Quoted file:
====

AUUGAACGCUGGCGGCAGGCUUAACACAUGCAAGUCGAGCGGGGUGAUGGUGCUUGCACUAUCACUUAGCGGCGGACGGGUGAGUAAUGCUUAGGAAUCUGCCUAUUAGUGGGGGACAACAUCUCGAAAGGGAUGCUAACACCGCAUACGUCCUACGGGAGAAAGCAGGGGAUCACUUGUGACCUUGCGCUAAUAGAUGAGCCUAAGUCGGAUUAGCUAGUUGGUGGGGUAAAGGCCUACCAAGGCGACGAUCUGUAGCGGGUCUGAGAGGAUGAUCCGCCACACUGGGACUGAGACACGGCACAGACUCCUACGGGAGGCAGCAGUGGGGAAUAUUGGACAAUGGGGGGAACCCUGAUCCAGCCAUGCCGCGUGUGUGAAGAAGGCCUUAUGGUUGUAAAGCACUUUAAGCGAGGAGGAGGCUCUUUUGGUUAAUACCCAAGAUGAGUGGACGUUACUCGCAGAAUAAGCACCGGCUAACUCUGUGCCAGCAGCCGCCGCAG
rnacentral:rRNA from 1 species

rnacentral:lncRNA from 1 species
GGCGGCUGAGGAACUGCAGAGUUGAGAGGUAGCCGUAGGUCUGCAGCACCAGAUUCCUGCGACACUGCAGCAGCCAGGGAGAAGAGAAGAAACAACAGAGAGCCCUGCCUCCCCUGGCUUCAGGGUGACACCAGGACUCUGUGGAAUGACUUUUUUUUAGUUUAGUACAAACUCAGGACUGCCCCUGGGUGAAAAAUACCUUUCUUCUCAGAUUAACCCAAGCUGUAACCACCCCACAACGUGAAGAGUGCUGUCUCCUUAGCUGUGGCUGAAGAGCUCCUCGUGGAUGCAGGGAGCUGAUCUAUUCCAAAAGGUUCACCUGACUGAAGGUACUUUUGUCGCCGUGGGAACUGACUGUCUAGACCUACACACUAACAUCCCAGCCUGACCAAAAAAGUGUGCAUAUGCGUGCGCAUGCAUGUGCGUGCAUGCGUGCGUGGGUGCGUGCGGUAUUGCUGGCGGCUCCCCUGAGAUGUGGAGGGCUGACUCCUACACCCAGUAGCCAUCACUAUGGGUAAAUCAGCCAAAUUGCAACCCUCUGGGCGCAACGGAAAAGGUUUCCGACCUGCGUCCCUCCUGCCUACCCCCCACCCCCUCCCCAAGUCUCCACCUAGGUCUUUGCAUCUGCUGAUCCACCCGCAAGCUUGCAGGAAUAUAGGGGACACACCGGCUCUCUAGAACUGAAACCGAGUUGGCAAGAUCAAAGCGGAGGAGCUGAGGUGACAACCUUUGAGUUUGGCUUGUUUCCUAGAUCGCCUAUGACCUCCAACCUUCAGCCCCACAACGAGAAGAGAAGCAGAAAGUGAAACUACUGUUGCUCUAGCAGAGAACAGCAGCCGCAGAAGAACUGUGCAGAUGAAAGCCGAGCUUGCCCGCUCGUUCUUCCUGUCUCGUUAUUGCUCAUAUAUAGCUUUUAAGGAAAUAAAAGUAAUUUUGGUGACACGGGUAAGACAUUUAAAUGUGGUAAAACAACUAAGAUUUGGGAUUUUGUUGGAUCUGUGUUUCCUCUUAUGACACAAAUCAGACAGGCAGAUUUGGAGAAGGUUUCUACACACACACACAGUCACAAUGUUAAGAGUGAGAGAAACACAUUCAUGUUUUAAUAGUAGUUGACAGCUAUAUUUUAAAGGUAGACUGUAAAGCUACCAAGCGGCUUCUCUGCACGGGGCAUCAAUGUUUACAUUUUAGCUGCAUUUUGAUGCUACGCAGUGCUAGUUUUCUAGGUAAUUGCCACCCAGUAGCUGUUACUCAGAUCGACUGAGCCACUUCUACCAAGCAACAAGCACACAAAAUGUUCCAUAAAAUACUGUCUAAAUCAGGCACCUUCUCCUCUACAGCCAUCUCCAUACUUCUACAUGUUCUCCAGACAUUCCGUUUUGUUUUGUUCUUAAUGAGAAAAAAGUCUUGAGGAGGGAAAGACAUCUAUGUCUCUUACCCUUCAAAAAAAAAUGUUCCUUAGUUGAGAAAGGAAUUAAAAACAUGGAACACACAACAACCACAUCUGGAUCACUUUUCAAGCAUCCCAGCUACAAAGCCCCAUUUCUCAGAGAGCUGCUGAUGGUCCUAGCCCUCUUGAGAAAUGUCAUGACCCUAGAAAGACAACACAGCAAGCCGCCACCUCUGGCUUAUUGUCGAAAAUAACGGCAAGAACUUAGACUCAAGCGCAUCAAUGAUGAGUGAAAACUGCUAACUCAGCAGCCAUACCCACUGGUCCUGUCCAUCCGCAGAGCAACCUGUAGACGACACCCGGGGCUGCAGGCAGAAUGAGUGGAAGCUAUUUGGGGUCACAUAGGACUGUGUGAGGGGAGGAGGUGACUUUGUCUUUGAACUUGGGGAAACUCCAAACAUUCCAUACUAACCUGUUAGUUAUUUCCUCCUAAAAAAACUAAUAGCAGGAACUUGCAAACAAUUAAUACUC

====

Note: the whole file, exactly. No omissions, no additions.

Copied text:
AUUGAACGCUGGCGGCAGGCUUAACACAUGCAAGUCGAGCGGGGUGAUGGUGCUUGCACUAUCACUUAGCGGCGGACGGGUGAGUAAUGCUUAGGAAUCUGCCUAUUAGUGGGGGACAACAUCUCGAAAGGGAUGCUAACACCGCAUACGUCCUACGGGAGAAAGCAGGGGAUCACUUGUGACCUUGCGCUAAUAGAUGAGCCUAAGUCGGAUUAGCUAGUUGGUGGGGUAAAGGCCUACCAAGGCGACGAUCUGUAGCGGGUCUGAGAGGAUGAUCCGCCACACUGGGACUGAGACACGGCACAGACUCCUACGGGAGGCAGCAGUGGGGAAUAUUGGACAAUGGGGGGAACCCUGAUCCAGCCAUGCCGCGUGUGUGAAGAAGGCCUUAUGGUUGUAAAGCACUUUAAGCGAGGAGGAGGCUCUUUUGGUUAAUACCCAAGAUGAGUGGACGUUACUCGCAGAAUAAGCACCGGCUAACUCUGUGCCAGCAGCCGCCGCAG
rnacentral:rRNA from 1 species

rnacentral:lncRNA from 1 species
GGCGGCUGAGGAACUGCAGAGUUGAGAGGUAGCCGUAGGUCUGCAGCACCAGAUUCCUGCGACACUGCAGCAGCCAGGGAGAAGAGAAGAAACAACAGAGAGCCCUGCCUCCCCUGGCUUCAGGGUGACACCAGGACUCUGUGGAAUGACUUUUUUUUAGUUUAGUACAAACUCAGGACUGCCCCUGGGUGAAAAAUACCUUUCUUCUCAGAUUAACCCAAGCUGUAACCACCCCACAACGUGAAGAGUGCUGUCUCCUUAGCUGUGGCUGAAGAGCUCCUCGUGGAUGCAGGGAGCUGAUCUAUUCCAAAAGGUUCACCUGACUGAAGGUACUUUUGUCGCCGUGGGAACUGACUGUCUAGACCUACACACUAACAUCCCAGCCUGACCAAAAAAGUGUGCAUAUGCGUGCGCAUGCAUGUGCGUGCAUGCGUGCGUGGGUGCGUGCGGUAUUGCUGGCGGCUCCCCUGAGAUGUGGAGGGCUGACUCCUACACCCAGUAGCCAUCACUAUGGGUAAAUCAGCCAAAUUGCAACCCUCUGGGCGCAACGGAAAAGGUUUCCGACCUGCGUCCCUCCUGCCUACCCCCCACCCCCUCCCCAAGUCUCCACCUAGGUCUUUGCAUCUGCUGAUCCACCCGCAAGCUUGCAGGAAUAUAGGGGACACACCGGCUCUCUAGAACUGAAACCGAGUUGGCAAGAUCAAAGCGGAGGAGCUGAGGUGACAACCUUUGAGUUUGGCUUGUUUCCUAGAUCGCCUAUGACCUCCAACCUUCAGCCCCACAACGAGAAGAGAAGCAGAAAGUGAAACUACUGUUGCUCUAGCAGAGAACAGCAGCCGCAGAAGAACUGUGCAGAUGAAAGCCGAGCUUGCCCGCUCGUUCUUCCUGUCUCGUUAUUGCUCAUAUAUAGCUUUUAAGGAAAUAAAAGUAAUUUUGGUGACACGGGUAAGACAUUUAAAUGUGGUAAAACAACUAAGAUUUGGGAUUUUGUUGGAUCUGUGUUUCCUCUUAUGACACAAAUCAGACAGGCAGAUUUGGAGAAGGUUUCUACACACACACACAGUCACAAUGUUAAGAGUGAGAGAAACACAUUCAUGUUUUAAUAGUAGUUGACAGCUAUAUUUUAAAGGUAGACUGUAAAGCUACCAAGCGGCUUCUCUGCACGGGGCAUCAAUGUUUACAUUUUAGCUGCAUUUUGAUGCUACGCAGUGCUAGUUUUCUAGGUAAUUGCCACCCAGUAGCUGUUACUCAGAUCGACUGAGCCACUUCUACCAAGCAACAAGCACACAAAAUGUUCCAUAAAAUACUGUCUAAAUCAGGCACCUUCUCCUCUACAGCCAUCUCCAUACUUCUACAUGUUCUCCAGACAUUCCGUUUUGUUUUGUUCUUAAUGAGAAAAAAGUCUUGAGGAGGGAAAGACAUCUAUGUCUCUUACCCUUCAAAAAAAAAUGUUCCUUAGUUGAGAAAGGAAUUAAAAACAUGGAACACACAACAACCACAUCUGGAUCACUUUUCAAGCAUCCCAGCUACAAAGCCCCAUUUCUCAGAGAGCUGCUGAUGGUCCUAGCCCUCUUGAGAAAUGUCAUGACCCUAGAAAGACAACACAGCAAGCCGCCACCUCUGGCUUAUUGUCGAAAAUAACGGCAAGAACUUAGACUCAAGCGCAUCAAUGAUGAGUGAAAACUGCUAACUCAGCAGCCAUACCCACUGGUCCUGUCCAUCCGCAGAGCAACCUGUAGACGACACCCGGGGCUGCAGGCAGAAUGAGUGGAAGCUAUUUGGGGUCACAUAGGACUGUGUGAGGGGAGGAGGUGACUUUGUCUUUGAACUUGGGGAAACUCCAAACAUUCCAUACUAACCUGUUAGUUAUUUCCUCCUAAAAAAACUAAUAGCAGGAACUUGCAAACAAUUAAUACUC